These results demonstrated that the MAP2 was conserved among different isolates of C ruminantium. The MAP2 antigen was recognized by infection sera from all sheep, goats, and cattle tested, indicating that it was an excellent candidate for diagnosis. A 55.5% identity between MAP2 and the coding DNA sequence for major surface protein 5 (Visser et al., 1992) of Anaplasma marginale was reported (Mahan et al., 1994). A competitive ELISA using infection antisera to inhibit the reaction between recombinant MSP5 and an antiMSP5 monoclonal antibody specifically was used to diagnose cattle infected with A. marginale for as long as six years post-infection (Knowles et al., 1996). The similarity between MSP5 and MAP2, the conservation of MAP2 antigenicity between isolates and for different animal species (Mahan et al., 1994), and the MAP2 sequence conservation reported here support the theory that MAP2 may be useful as an antigen in serodiagnosis of heartwater. Based on these data, MAP2 is a strong immunoassay candidate and further investigation is warranted to determine whether MAP2 is a good candidate antigen to be used for serodiagnosis of heartwater.









59













Table 7. Prediction of Antigenic Determinants

Highest Points of Hydrophilicity




I Isolate 1 2 3
isolate,
Crystal Springs Val-Asp-Lys-Lys-Gly-Glu Asp-Uu-Lys Ser-Lys-Glu Gly-Asn-Glu-Ser-Asp-Lys

Highway Val-Asp-Lys-Lys-Gly-Glu Asp-Leu-Lys-Ser-Lys-Glu Gly-Asn-GIU-Ser-Asp-Lys
Palm River Val Asp-Lys-Lys-Gly-Glu Asp-Leu-Lys-Ser-Lys-Glu Lys-Ser-Lys-Glu-Pro-Gln
Um Banein Val-Asp-Lys-Lys-Gly-Glu Asp-Leu-Lys-Ser-Lys-Glu Lys-Ser-Lys-Glu-Pro-Gln
Ant!gua j Val-Asp-Lys-Lys-Gly-Glu Asp-Leu-Lys-Ser-Lys-Glu Lys-Ser-Lys-Glu-Pro-Gln
*Calculations based on the method used by Hopp and Woods (1981). Theaveragegroup length is 6 amino acids. Sequences identical to Crystal Springs isolate are bold.










60



Table 8. Position and Sequence of Flexible Segments*


Isolate

No. Crystal Springs Highway Palm River Urn Banein Antigua

IDKKPDLKSKEP DLKSKEP DLKSKEP DLKSKEP

2 GQPDNDNE GQPDNDNE GQPDNDNE GQPDNDNE GQPDNDNE

3 VDKKGEY VDKKGEY VDKKGEY VDKKGEY VDKKGEY

4 LHDSPDV LHDSPDV LHDSPDV LHDSPDV LHDSPDV

5 TISSKDF TISSKDF TISSKDF TISSKDF TISSKDF

6 HDPTKDT IDPTKDT IDPTKDT IDPTKDT IDPTKDT
7 GNESDKL GNESDKL GNEADKL GNEADKL LGNEAGK

8 NISNKAD NISNKAD NISNKAD NISNKAD NISNKAD

9 KNFDSRI KNFDSRI KNFDSRI KNFDSR] KNFDSRI

10 ITKQGIF ITKQGIF ITKQGIF ITKQGLF ITKQGIF
*10 highest peaks of flexibility in the complete sequence. Calculations based on the FLEXPRO program of PCGENE. Underlined regions are flexibility sites that may vary in their amino acid composition, but are located at similar regions of their respective proteins.














CHAPTER 4
IMMUNOASSAYS USING MAP2 TO IDENTIFY ANTIBODIES TO COWDRIA
RUMINANTIUM IN THE SERA OF INFECTED ANIMALS


Introduction

Development of a serodiagnostic test specific for detection of animals infected with Cowdria ruminantium is needed for use in endemic and heartwater-free areas of the world. Detection of specific antibodies in the blood of infected animals is essential for determining the heartwater status of an animal. Two immune responses, humoral and cell-mediated, may be triggered when an animal has been invaded by an infectious agent, in this case, C. ruminantium. The parasite is present in the blood during the initial infection and after endothelial cell destruction and release of elementary bodies. During these times, antibodies are produced against the parasite, thus initiating the destruction of the organism by various immunological mechanisms (i.e. complement cascade, opsonization, antibody-dependent cellmediated cytotoxicity). It is the presence of these antibodies (specific for various epitopes on the surface of the organism) that may be used for diagnosis of the disease. While the presence of antibodies does not directly reflect the presence of the disease agent, antibody detection tests are a useful adjunct to PCR assays which detect the organism directly (see literature review).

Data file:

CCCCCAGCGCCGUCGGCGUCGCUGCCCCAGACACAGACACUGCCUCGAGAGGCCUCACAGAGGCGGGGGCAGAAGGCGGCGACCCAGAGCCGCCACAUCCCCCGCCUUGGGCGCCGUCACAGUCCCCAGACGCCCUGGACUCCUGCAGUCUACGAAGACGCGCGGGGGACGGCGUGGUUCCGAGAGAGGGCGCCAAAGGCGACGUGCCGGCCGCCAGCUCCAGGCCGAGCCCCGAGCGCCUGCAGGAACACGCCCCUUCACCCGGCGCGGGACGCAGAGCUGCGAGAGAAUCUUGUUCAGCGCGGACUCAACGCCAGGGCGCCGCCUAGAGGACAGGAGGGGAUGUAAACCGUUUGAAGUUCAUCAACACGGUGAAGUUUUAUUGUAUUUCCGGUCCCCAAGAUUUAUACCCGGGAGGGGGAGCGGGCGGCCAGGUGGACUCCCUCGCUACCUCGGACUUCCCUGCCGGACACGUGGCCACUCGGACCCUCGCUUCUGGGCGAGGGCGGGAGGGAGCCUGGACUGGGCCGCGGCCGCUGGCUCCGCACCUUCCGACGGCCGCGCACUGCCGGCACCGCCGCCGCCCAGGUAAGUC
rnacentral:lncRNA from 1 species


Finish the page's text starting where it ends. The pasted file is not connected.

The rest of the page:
The development of an indirect or competitive enzyme-linked immunosorbent assay (ELISA) for the diagnosis of C. ruminantium is needed to screen animals imported into the 61









62

United States, as well as to monitor the spread of the disease in the Caribbean and Africa. Many tests including indirect fluorescent antibody assays, immunoblots, and ELISAs have been used in the detection of antibodies against C. ruminantium using either cultured organisms or organisms isolated from infected animals or ticks as the antigen (see literature review). This can be time-consuming and expensive and requires full-time personnel and necessary equipment and solutions. In addition, cross-reactivity has been observed with species of Ehrlichia (Jongejan et al., 1993; Matthewman et al., 1994; Kelly et al., 1994), which may be avoided in development of a diagnostic based on recombinant proteins or synthetic truncated analogs.

Development of a serodiagnostic test for heartwater has been hindered by crossreactivity and the variability of target proteins among various C. ruminantium isolates (Mahan, 1995). Major antigenic protein 1 (MAP1), a major structural protein of C. ruminantium (Mahan et al., 1993), was determined to be conserved antigenically among various isolates of C. ruminantium (van Vliet et al., 1994). MAPI was developed into a competitive ELISA (Jongejan et al., 1991) and used in surveys on animals in Africa (Jongejan and Thielemans, 1989) and in the Caribbean (Muller Kobold et al., 1992). However, Mahan et al (1993) demonstrated that the MAPI also cross-reacted with an unknown organism because testing of animals from heartwater-free (absence of both the vector and the disease) regions of Zimbabwe resulted in false positive reactions. This cross-reaction was thought to be due to the presence of an organism belonging to the family Rickettsiaceae. Sera from dogs experimentally infected with Ehrlichia canis recognized MAP I in Western blots (Kelly et al., 1994). In addition, sequence analysis of MSP2 and MSP4 of Anaplasma marginale,